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The Chunky Soup Curse is a mythical hex that seems to follow NFL players who appear in ads for Campbell's Chunky Soup. The Curse was independently discovered and originally popularized by Dan Lewis in September 2002. Offensive players who appeared in Chunky Soup ads tend to fall prey to serious injuries, as often do their backups. A potential reason for the affliction is that the original ads featured actresses purporting to be the players' mothers. This is no longer the case—at least as far as Donovan McNabb is concerned. His actual mother now appears in his ads (as does his father).
Terrell Davis and Kurt Warner, then of the Denver Broncos and St. Louis Rams, respectively, appeared in early ads for the Soup. Each would suffer significant injuries. Davis' knee problems forced him into early retirements. Warner's injuries caused him to miss the better part of two seasons, effectively leading him to a journeyman's role keeping the starting quarterback position warm until a young prospect was ready to seize it.
In November, 2002, Donovan McNabb fell prey to the Curse. While facing the Arizona Cardinals, on the third down of the game, McNabb was sacked by Adrian Wilson and LeVar Woods. McNabb fumbled the ball, fell to the ground, and held his right leg. He went to the locker room to have his ankle taped, but returned for the Eagles' second drive. His injury was reported to be a sprained ankle, but X-rays after the game revealed that it was a broken ankle. He missed the rest of the regular season. McNabb also spent the last seven weeks of the 2005 NFL season on injured reserve with a sports hernia.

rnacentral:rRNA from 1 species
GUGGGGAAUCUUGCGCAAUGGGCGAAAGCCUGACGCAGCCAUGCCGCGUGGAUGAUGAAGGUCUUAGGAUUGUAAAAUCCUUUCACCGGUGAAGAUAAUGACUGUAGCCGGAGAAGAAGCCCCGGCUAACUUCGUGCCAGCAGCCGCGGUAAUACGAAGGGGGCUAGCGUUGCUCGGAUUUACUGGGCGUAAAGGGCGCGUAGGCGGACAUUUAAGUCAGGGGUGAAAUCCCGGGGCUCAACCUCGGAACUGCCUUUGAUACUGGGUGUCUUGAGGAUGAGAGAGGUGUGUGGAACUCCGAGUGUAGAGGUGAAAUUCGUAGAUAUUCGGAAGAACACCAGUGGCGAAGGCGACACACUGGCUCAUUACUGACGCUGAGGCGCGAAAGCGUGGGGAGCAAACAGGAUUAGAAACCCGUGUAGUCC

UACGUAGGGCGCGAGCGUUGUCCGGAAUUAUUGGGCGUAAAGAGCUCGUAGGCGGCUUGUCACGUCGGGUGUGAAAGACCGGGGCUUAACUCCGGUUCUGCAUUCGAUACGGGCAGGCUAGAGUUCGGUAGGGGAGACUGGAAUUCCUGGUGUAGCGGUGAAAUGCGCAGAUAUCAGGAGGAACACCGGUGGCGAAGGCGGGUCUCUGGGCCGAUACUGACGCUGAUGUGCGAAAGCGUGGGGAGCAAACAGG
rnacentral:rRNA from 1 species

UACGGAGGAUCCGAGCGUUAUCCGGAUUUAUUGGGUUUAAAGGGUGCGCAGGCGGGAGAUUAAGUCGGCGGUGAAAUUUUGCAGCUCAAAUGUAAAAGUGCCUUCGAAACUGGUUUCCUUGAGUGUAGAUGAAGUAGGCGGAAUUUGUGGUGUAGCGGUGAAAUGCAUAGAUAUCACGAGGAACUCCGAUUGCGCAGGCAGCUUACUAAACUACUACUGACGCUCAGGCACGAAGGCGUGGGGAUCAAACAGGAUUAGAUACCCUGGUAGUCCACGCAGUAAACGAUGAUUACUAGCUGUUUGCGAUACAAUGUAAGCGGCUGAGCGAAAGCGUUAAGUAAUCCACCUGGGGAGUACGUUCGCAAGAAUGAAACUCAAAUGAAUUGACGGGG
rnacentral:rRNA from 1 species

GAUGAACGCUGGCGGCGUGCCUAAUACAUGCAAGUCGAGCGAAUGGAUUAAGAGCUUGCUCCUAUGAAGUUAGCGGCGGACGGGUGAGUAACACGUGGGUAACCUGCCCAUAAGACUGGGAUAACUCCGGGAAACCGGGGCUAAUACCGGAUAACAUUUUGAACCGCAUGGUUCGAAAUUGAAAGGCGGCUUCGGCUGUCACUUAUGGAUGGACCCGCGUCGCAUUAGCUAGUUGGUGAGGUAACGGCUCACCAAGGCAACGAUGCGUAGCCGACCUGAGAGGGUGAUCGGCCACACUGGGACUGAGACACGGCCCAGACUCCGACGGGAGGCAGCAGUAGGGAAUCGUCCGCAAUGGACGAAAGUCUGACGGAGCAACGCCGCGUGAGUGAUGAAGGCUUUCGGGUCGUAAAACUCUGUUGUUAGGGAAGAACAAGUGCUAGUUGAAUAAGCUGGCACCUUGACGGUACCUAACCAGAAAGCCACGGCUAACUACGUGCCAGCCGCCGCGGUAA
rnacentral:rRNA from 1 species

Jerome Bettis, while not suffering any major injuries, has been hobbled by various ailments since appearing in the ads, his very successful 2004 notwithstanding.
Both Brian Urlacher and Michael Strahan ended the 2004 NFL season on injured reserve, Urlacher with a pulled left hamstring and Strahan with torn pectoral muscle. Urlacher missed seven games in 2004 to Strahan's 8.
Thus far, only John Lynch and Ladainian Tomlinson has avoided the Curse.
The most recent addition to this list is Pittsburgh QB Ben Roethlisberger. He was set to shoot his commercial the day after he went head first into that car on his motorcycle.
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Before Super Bowl XL, the Curse meant no World Championship for you, come back, one year (or rather, never). But Jerome Bettis' Disneyland moment in Detroit has demonstrated that the Curse does not have a true affect on the players' teams.
The Curse also takes its toll on the pitchman's understudy.
After Terrell Davis fell, his backup, Olandis Gary, followed suit. (Gary did have one sterling year). Gary never regained a starting job.
Filling in for Jerome Bettis, Chris Fuamatu-Ma'afala came in, got eight carries, and tore a pectoral muscle. Duce Staley was signed before the 2004 season to lighten Bettis' load, but Staley fell to injury as well, losing his job to Bettis and eventually, to Willie Parker.
When Donovan McNabb fell to injury in the 2002 NFL season, Koy Detmer was tapped as his replacement. Detmer admirably lead the Eagles for almost three quarters, but dislocated his elbow, ending his season. He has not started a game since.